Harley, 13, has been sectioned under the mental health act after attempting suicide. She was spotted climbing the railings on a footbridge that crossed a busy motorway and pulled to safety by a member of the public. After six weeks in hospital, social services are looking for a short-term placement so she can be kept safe while family therapy takes place. Harley has a family – a widowed mother and an older sister, Milly, who left home with her long-term boyfriend just over a year ago. There is no prospect of Harley going home just yet though, as her mum, who has learning difficulties and addictions issues, feels she cannot cope. So she arrives with Casey and Mike under a twenty-eight day care order.

As Harley tries to hurl herself out of the moving car on the way home, it quickly becomes clear she is in urgent need of help. Three weeks into the placement, after Harley has made various attempts to abscond, it seems like zero progress is being made. Then all of sudden there is an unexpected breakthrough, and light at the end of a long dark tunnel, but only once Harley is finally able to share the truth about the abuse she suffered at the hands of a very dangerous man.

My Review

This book is a sad look into the errors of the care system. Harley is deemed “care-seeking” (the politically correct term for attention-seeking) by the mental health professionals and is, for this reason, refused mental health care even though she’s clearly at risk. I mean, I honestly don’t feel that anyone in their right mind would make multiple even half-hearted attempts at suicide. In fact, I’m so happy the mental health system here in the Netherlands at least allowed care based on “adjustment disorder” (serious distress due to environmental circumstances) back in my day. It doesn’t anymore, unfortunately.

I was, at first, convinced Harley was at least at risk of developing emotionally unstable (borderline) personality disorder. This can’t be diagnosed in children her age, but it sure seemed she would meet the criteria at some point. BPD is, though, usually a trauma-based condition. So is Harley’s condition, as it turns out.

I had lots of sympathy for Harley, even as Casey and Mike almost lost it with her. This is in part due to the similarities between her experience and mine, but also due to Casey’s caring writing style.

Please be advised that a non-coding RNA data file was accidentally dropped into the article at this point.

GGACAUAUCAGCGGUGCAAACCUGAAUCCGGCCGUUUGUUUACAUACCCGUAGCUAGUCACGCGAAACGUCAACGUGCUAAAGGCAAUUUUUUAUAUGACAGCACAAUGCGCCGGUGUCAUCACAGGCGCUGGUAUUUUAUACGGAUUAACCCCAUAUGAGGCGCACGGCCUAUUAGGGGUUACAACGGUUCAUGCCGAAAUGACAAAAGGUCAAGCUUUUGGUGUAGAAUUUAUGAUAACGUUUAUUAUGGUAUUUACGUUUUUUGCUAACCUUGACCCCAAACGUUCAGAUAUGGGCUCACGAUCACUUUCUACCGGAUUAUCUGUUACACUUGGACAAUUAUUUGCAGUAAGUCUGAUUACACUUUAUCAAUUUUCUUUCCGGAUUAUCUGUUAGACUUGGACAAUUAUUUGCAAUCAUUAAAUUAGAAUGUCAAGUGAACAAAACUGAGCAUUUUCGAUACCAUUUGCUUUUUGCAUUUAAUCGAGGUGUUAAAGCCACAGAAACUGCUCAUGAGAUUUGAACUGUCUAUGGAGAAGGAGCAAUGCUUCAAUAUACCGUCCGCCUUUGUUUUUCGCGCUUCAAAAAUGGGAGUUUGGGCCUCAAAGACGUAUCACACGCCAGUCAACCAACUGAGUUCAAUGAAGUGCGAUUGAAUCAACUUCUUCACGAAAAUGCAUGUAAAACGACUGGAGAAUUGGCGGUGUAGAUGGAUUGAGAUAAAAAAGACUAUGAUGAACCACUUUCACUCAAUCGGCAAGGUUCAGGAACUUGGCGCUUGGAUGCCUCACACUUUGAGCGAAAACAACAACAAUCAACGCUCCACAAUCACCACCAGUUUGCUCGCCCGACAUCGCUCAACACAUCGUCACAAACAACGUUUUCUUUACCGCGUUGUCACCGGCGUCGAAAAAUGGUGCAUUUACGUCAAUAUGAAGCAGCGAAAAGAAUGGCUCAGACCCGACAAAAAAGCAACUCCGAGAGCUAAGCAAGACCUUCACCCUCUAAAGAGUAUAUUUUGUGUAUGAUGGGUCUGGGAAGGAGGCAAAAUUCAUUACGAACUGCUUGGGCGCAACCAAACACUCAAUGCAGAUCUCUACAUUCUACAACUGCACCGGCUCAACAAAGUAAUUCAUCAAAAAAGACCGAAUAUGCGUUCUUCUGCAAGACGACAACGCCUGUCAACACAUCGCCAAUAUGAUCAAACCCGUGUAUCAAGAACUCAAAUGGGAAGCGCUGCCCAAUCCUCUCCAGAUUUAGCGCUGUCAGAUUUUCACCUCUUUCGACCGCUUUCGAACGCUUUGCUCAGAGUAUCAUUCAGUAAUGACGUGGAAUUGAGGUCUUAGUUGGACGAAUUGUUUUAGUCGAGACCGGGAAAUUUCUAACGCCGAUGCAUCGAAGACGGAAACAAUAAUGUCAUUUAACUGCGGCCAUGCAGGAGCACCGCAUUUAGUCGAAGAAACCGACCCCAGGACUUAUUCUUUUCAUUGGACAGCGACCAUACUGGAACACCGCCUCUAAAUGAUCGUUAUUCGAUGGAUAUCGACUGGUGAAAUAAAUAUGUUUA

Still, the book dragged a little at first. That’s probably to illustrate how little progress was made at first. Once Harley’s real situation is clear, things after all move more quickly.

At the end, Casey explains some of the issues with the 28-day care order. This was really interesting to read.

Overall, I really loved this book. I should’ve read it as soon as it came out.

Book Details

Title: Let Me Go: Abused and Afraid, She Has Nothing to Live for
Author: Casey Watson
Publisher: HarperElement
Publication Date: August 6, 2020

Read With Me

Health Check

Yesterday, I had a physical health check-up at the mental health agency. Because of the risks psychiatric medications cause for your health, they are required to do this every year. Oh well, the nurse told me not to expect another check-up until sometime in 2022.

I had to have bloodwork done to check for vitamin levels, cholesterol, glucose, etc. Everything was within the normal range except for my white blood cell count, which was slightly elevated. That’s probably because I had a cold about four weeks ago. At first, I was tempted to say “No” when the nurse asked whether I’d had a cold because of the coronavirus scare that’d cause. It turned out it explained my high white blood cell count though.

There were also two things that were low, which might indicate anemia. My hemoglobin though was normal and I’m not very tired lately. This is probably nothing to worry about.

Thankfully, my cholesterol, blood sugar, etc. were all normal. I know I run a risk of developing type 2 diabetes because of my weight. The nurse didn’t make a big point about my being obese though. She did chehck my blood pressure. My diastolic blood pressure was 93, which is considered hypertensive. My systolic blood pressure was also a bit high, namely 132, but that wasn’t too worrisome.